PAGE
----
Demetri Sevastopulo has a great article today in the Financial Times that gives just a quick “state of play” run-down on the Battle over Bolton. I recommend a full read of it.
The headline is wrong though. This is NOT the final battle over John Bolton today. If he squeaks out of Committee today — there is ample opportunity to continue to squeeze the White House on this wrong-headed decision. There will be holds, procedural delays, demands for more investigation by individual senators — and ALL of it will play out in the leading media (and blogs) of the country.
This battle is about the profile America cuts in its foreign policy and engagement in the world. If the White House wants to persist beyond rationality in its support of such a disagreeable character as John Bolton for the U.N. — then the price will be very, very high.
The White House — and particularly the Dick Cheney wing — will have to offend the sensibilities of moderates and explain why such a character was nominated — when others, like Paula Dobriansky, made so much more sense.
This from Demetri Sevatopulo’s piece today, just to remind that Colin Powell’s Chief of Staff has little regard for Mr. Bolton:
Lawrence Wilkerson, who was chief of staff to Mr Powell, told committee staffers that numerous State Department employees had expressed consternation with Mr Bolton to the extent that they were considering leaving their posts at the State Department.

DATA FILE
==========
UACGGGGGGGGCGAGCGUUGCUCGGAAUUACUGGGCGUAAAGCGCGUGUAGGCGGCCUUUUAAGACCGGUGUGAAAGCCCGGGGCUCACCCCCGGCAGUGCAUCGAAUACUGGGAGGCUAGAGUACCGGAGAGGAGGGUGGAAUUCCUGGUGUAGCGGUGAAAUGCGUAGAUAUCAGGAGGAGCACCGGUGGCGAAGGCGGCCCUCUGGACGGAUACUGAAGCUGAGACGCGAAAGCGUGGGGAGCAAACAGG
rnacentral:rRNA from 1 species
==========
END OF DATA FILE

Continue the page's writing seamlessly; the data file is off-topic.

His comments appeared to support remarks from Carl Ford, the former head of the State Department’s bureau of intelligence and research, who said last month that Mr Bolton was a “serial abuser”.
“I think he’s a lousy leader,” Mr Wilkerson told the committee, according to a transcript obtained by the FT. Mr Bush has argued that Mr Bolton is the perfect candidate to encourage needed reforms at the institution.
Mr Wilkerson dismissed comments by supporters that Mr Bolton was “brilliant”, saying he was “a man who counted beans”, a reference to Mr Bolton’s attempts to get as many countries as possible to sign agreements that would exempt US nationals from being prosecuted in the International Criminal Court.
Mr Wilkerson added that Mr Bolton had “no willingness and in many cases no capacity to understand the other things that were happening around those beans. That is just a recipe for problems at the United Nations.”
Mr Wilkerson also confirmed that Mr Armitage had declared that all Mr Bolton’s speeches would have to be cleared by him, after Mr Bolton delivered a caustic speech in July 2003 that included more than 40 invidious references to Kim Jong-il, the North Korean leader. Mr Powell and Mr Armitage were concerned that Mr Bolton was hampering US efforts to make progress with North Korea in the forthcoming six-party talks.
More on its way. Things are really hot now. One hour and eight minutes until the hearing starts.
— Steve Clemons